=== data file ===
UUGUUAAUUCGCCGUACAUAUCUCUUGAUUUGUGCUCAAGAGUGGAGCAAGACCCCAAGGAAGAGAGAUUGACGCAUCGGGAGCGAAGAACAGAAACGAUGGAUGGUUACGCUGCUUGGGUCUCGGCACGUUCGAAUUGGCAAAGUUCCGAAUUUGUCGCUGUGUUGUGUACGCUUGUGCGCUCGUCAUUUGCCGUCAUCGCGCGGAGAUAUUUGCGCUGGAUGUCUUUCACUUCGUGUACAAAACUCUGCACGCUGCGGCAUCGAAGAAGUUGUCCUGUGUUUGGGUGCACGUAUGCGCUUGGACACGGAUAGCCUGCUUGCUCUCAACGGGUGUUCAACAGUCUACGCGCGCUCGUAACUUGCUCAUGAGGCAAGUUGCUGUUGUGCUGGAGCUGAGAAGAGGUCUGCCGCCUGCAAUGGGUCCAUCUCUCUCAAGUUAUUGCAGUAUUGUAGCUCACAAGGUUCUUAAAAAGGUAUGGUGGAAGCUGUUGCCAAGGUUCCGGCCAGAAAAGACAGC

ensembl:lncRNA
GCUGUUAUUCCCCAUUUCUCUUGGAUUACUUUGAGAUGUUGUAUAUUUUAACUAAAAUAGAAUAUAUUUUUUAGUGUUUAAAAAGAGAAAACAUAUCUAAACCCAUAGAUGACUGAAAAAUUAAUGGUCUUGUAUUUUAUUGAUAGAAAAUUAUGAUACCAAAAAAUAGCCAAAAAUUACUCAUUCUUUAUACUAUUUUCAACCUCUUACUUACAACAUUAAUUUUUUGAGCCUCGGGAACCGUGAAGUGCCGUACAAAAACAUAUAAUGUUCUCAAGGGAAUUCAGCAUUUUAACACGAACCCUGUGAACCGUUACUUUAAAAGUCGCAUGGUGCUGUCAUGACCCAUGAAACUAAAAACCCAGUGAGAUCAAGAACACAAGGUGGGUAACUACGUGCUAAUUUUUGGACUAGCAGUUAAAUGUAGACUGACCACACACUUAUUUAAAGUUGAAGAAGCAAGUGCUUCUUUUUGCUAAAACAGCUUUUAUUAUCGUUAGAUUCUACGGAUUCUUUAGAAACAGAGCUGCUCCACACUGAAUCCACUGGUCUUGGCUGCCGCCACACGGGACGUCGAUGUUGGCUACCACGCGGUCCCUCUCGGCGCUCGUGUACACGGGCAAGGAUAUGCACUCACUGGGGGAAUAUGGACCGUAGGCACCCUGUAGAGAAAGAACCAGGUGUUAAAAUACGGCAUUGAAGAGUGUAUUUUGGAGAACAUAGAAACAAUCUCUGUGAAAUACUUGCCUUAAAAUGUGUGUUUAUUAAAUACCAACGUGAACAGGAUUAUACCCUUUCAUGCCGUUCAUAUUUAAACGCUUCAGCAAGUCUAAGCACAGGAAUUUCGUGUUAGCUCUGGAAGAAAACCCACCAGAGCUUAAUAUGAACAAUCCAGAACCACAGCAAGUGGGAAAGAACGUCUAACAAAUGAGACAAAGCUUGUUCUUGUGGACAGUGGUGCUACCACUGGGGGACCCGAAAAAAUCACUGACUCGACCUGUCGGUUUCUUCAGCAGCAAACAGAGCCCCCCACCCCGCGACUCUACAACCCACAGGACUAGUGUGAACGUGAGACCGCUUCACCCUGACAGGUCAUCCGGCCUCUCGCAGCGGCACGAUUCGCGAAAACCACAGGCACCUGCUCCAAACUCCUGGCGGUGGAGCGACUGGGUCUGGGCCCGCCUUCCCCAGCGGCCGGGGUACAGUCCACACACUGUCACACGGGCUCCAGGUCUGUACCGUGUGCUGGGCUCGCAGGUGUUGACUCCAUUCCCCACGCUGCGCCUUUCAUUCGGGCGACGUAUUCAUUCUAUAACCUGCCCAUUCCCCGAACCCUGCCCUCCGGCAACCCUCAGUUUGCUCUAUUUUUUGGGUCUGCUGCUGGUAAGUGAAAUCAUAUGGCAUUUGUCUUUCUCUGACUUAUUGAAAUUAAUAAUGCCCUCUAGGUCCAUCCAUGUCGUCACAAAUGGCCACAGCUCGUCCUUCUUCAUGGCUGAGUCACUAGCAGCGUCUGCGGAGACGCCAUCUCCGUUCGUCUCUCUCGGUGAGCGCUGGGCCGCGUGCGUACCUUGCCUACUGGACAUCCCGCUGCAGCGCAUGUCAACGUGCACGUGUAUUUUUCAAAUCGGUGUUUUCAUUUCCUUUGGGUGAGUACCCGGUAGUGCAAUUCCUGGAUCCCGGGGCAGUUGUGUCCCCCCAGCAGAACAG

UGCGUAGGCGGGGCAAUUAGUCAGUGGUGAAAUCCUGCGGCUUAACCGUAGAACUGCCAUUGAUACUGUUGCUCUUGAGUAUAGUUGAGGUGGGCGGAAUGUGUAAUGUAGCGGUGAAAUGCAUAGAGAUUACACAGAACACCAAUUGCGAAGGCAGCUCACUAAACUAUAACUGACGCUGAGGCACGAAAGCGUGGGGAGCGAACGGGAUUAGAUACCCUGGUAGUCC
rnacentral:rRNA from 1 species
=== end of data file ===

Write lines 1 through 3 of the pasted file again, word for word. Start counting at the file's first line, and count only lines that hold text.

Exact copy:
UUGUUAAUUCGCCGUACAUAUCUCUUGAUUUGUGCUCAAGAGUGGAGCAAGACCCCAAGGAAGAGAGAUUGACGCAUCGGGAGCGAAGAACAGAAACGAUGGAUGGUUACGCUGCUUGGGUCUCGGCACGUUCGAAUUGGCAAAGUUCCGAAUUUGUCGCUGUGUUGUGUACGCUUGUGCGCUCGUCAUUUGCCGUCAUCGCGCGGAGAUAUUUGCGCUGGAUGUCUUUCACUUCGUGUACAAAACUCUGCACGCUGCGGCAUCGAAGAAGUUGUCCUGUGUUUGGGUGCACGUAUGCGCUUGGACACGGAUAGCCUGCUUGCUCUCAACGGGUGUUCAACAGUCUACGCGCGCUCGUAACUUGCUCAUGAGGCAAGUUGCUGUUGUGCUGGAGCUGAGAAGAGGUCUGCCGCCUGCAAUGGGUCCAUCUCUCUCAAGUUAUUGCAGUAUUGUAGCUCACAAGGUUCUUAAAAAGGUAUGGUGGAAGCUGUUGCCAAGGUUCCGGCCAGAAAAGACAGC

ensembl:lncRNA
GCUGUUAUUCCCCAUUUCUCUUGGAUUACUUUGAGAUGUUGUAUAUUUUAACUAAAAUAGAAUAUAUUUUUUAGUGUUUAAAAAGAGAAAACAUAUCUAAACCCAUAGAUGACUGAAAAAUUAAUGGUCUUGUAUUUUAUUGAUAGAAAAUUAUGAUACCAAAAAAUAGCCAAAAAUUACUCAUUCUUUAUACUAUUUUCAACCUCUUACUUACAACAUUAAUUUUUUGAGCCUCGGGAACCGUGAAGUGCCGUACAAAAACAUAUAAUGUUCUCAAGGGAAUUCAGCAUUUUAACACGAACCCUGUGAACCGUUACUUUAAAAGUCGCAUGGUGCUGUCAUGACCCAUGAAACUAAAAACCCAGUGAGAUCAAGAACACAAGGUGGGUAACUACGUGCUAAUUUUUGGACUAGCAGUUAAAUGUAGACUGACCACACACUUAUUUAAAGUUGAAGAAGCAAGUGCUUCUUUUUGCUAAAACAGCUUUUAUUAUCGUUAGAUUCUACGGAUUCUUUAGAAACAGAGCUGCUCCACACUGAAUCCACUGGUCUUGGCUGCCGCCACACGGGACGUCGAUGUUGGCUACCACGCGGUCCCUCUCGGCGCUCGUGUACACGGGCAAGGAUAUGCACUCACUGGGGGAAUAUGGACCGUAGGCACCCUGUAGAGAAAGAACCAGGUGUUAAAAUACGGCAUUGAAGAGUGUAUUUUGGAGAACAUAGAAACAAUCUCUGUGAAAUACUUGCCUUAAAAUGUGUGUUUAUUAAAUACCAACGUGAACAGGAUUAUACCCUUUCAUGCCGUUCAUAUUUAAACGCUUCAGCAAGUCUAAGCACAGGAAUUUCGUGUUAGCUCUGGAAGAAAACCCACCAGAGCUUAAUAUGAACAAUCCAGAACCACAGCAAGUGGGAAAGAACGUCUAACAAAUGAGACAAAGCUUGUUCUUGUGGACAGUGGUGCUACCACUGGGGGACCCGAAAAAAUCACUGACUCGACCUGUCGGUUUCUUCAGCAGCAAACAGAGCCCCCCACCCCGCGACUCUACAACCCACAGGACUAGUGUGAACGUGAGACCGCUUCACCCUGACAGGUCAUCCGGCCUCUCGCAGCGGCACGAUUCGCGAAAACCACAGGCACCUGCUCCAAACUCCUGGCGGUGGAGCGACUGGGUCUGGGCCCGCCUUCCCCAGCGGCCGGGGUACAGUCCACACACUGUCACACGGGCUCCAGGUCUGUACCGUGUGCUGGGCUCGCAGGUGUUGACUCCAUUCCCCACGCUGCGCCUUUCAUUCGGGCGACGUAUUCAUUCUAUAACCUGCCCAUUCCCCGAACCCUGCCCUCCGGCAACCCUCAGUUUGCUCUAUUUUUUGGGUCUGCUGCUGGUAAGUGAAAUCAUAUGGCAUUUGUCUUUCUCUGACUUAUUGAAAUUAAUAAUGCCCUCUAGGUCCAUCCAUGUCGUCACAAAUGGCCACAGCUCGUCCUUCUUCAUGGCUGAGUCACUAGCAGCGUCUGCGGAGACGCCAUCUCCGUUCGUCUCUCUCGGUGAGCGCUGGGCCGCGUGCGUACCUUGCCUACUGGACAUCCCGCUGCAGCGCAUGUCAACGUGCACGUGUAUUUUUCAAAUCGGUGUUUUCAUUUCCUUUGGGUGAGUACCCGGUAGUGCAAUUCCUGGAUCCCGGGGCAGUUGUGUCCCCCCAGCAGAACAG